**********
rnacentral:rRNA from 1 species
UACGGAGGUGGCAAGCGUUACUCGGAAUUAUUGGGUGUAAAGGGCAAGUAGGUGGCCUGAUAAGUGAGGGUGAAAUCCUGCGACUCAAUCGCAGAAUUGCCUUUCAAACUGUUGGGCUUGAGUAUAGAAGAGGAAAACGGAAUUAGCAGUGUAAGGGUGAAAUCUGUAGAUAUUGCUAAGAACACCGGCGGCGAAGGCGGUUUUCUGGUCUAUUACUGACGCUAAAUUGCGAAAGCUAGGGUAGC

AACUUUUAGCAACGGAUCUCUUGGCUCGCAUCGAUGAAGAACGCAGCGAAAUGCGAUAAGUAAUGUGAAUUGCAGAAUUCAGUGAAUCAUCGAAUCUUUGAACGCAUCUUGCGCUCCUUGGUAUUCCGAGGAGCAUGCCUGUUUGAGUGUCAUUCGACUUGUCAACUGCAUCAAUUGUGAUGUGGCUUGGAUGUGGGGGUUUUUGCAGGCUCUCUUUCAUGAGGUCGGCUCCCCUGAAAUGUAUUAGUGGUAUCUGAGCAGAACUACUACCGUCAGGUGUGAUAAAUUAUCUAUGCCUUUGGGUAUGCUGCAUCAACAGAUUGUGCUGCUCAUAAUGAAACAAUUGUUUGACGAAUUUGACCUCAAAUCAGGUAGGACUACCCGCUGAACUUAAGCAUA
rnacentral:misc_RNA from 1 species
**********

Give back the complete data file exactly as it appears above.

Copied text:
rnacentral:rRNA from 1 species
UACGGAGGUGGCAAGCGUUACUCGGAAUUAUUGGGUGUAAAGGGCAAGUAGGUGGCCUGAUAAGUGAGGGUGAAAUCCUGCGACUCAAUCGCAGAAUUGCCUUUCAAACUGUUGGGCUUGAGUAUAGAAGAGGAAAACGGAAUUAGCAGUGUAAGGGUGAAAUCUGUAGAUAUUGCUAAGAACACCGGCGGCGAAGGCGGUUUUCUGGUCUAUUACUGACGCUAAAUUGCGAAAGCUAGGGUAGC

AACUUUUAGCAACGGAUCUCUUGGCUCGCAUCGAUGAAGAACGCAGCGAAAUGCGAUAAGUAAUGUGAAUUGCAGAAUUCAGUGAAUCAUCGAAUCUUUGAACGCAUCUUGCGCUCCUUGGUAUUCCGAGGAGCAUGCCUGUUUGAGUGUCAUUCGACUUGUCAACUGCAUCAAUUGUGAUGUGGCUUGGAUGUGGGGGUUUUUGCAGGCUCUCUUUCAUGAGGUCGGCUCCCCUGAAAUGUAUUAGUGGUAUCUGAGCAGAACUACUACCGUCAGGUGUGAUAAAUUAUCUAUGCCUUUGGGUAUGCUGCAUCAACAGAUUGUGCUGCUCAUAAUGAAACAAUUGUUUGACGAAUUUGACCUCAAAUCAGGUAGGACUACCCGCUGAACUUAAGCAUA
rnacentral:misc_RNA from 1 species